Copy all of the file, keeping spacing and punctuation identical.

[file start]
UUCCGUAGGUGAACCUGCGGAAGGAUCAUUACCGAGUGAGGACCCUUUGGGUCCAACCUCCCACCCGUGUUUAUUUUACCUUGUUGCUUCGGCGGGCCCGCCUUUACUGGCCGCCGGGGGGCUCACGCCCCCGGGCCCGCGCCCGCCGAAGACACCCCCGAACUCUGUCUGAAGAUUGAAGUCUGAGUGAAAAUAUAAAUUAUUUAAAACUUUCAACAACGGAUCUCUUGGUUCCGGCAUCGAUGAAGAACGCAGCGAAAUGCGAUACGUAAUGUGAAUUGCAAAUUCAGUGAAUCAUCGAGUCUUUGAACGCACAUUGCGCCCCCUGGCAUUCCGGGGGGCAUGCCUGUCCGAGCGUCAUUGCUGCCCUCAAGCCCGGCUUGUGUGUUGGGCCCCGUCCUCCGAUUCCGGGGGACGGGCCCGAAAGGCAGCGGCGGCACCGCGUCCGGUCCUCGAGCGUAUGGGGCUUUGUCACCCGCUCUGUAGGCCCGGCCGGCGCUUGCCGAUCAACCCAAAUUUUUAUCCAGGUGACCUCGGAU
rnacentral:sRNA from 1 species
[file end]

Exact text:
UUCCGUAGGUGAACCUGCGGAAGGAUCAUUACCGAGUGAGGACCCUUUGGGUCCAACCUCCCACCCGUGUUUAUUUUACCUUGUUGCUUCGGCGGGCCCGCCUUUACUGGCCGCCGGGGGGCUCACGCCCCCGGGCCCGCGCCCGCCGAAGACACCCCCGAACUCUGUCUGAAGAUUGAAGUCUGAGUGAAAAUAUAAAUUAUUUAAAACUUUCAACAACGGAUCUCUUGGUUCCGGCAUCGAUGAAGAACGCAGCGAAAUGCGAUACGUAAUGUGAAUUGCAAAUUCAGUGAAUCAUCGAGUCUUUGAACGCACAUUGCGCCCCCUGGCAUUCCGGGGGGCAUGCCUGUCCGAGCGUCAUUGCUGCCCUCAAGCCCGGCUUGUGUGUUGGGCCCCGUCCUCCGAUUCCGGGGGACGGGCCCGAAAGGCAGCGGCGGCACCGCGUCCGGUCCUCGAGCGUAUGGGGCUUUGUCACCCGCUCUGUAGGCCCGGCCGGCGCUUGCCGAUCAACCCAAAUUUUUAUCCAGGUGACCUCGGAU
rnacentral:sRNA from 1 species